Teaching my kids to think skeptically as they are bombarded with information and various worldviews is of great importance to me. I’ve said it before, but as a homeschooling mom, my goal is to teach my children how to think and not what to think. Of course we learn math facts, grammar rules, and history, but more important than filling their heads with particular knowledge now, is teaching them to love learning and to continue schooling themselves for their entire lives. To this end, here are three great books for teaching kids to approach life skeptically!
1. Bonnie loved reading The Magic Detectives
[Joe Nickell, Prometheus 1989]. The book features thirty short real-life mysteries, from Bigfoot to the Shroud of Turin to UFO sightings. After studying each case, the reader can think it over before flipping the page to read the solution to the mystery. Bonnie flew through it, then we adapted one of the suggested assignments in the back of the book. She wrote a small essay on the ethical difference between tricks used by phony "psychics" and stage magicians.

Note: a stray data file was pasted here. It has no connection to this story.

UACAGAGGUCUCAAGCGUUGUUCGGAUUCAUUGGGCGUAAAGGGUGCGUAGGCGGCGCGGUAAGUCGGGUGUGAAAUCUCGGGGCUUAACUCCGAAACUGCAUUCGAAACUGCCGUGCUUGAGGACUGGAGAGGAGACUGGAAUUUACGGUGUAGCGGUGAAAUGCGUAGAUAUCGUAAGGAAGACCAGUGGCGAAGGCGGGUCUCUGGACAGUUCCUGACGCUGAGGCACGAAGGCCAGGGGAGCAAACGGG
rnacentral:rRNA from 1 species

In the book, Nickell argues from the d’Arcis memorandum, the wrap around distortion problems, the discovery of paint particles, on how easy it is to make a negative (it is not, of course) and the use of carbon dating.
It makes you think about homeschooling. I doubt that even the most secular, freethinking school districts, far away from “Jesus Land,” would use a book like this even “for teaching kids to approach life skeptically.” Being skeptical is fine. Freethinking, fine. But, mom, check out the factual content of this book as it pertains to the shroud. That was 1989. One of the things I wanted my kids to learn was the value of fact checking. Much has happened since 1989.
The mom concludes:
Have you found any other good books for little skeptics? Especially for younger readers?
Mom, go to Amazon.com. Click on Children’s Books. In the search box enter the word Skeptic for 6 books, Atheist for 16 books, etc.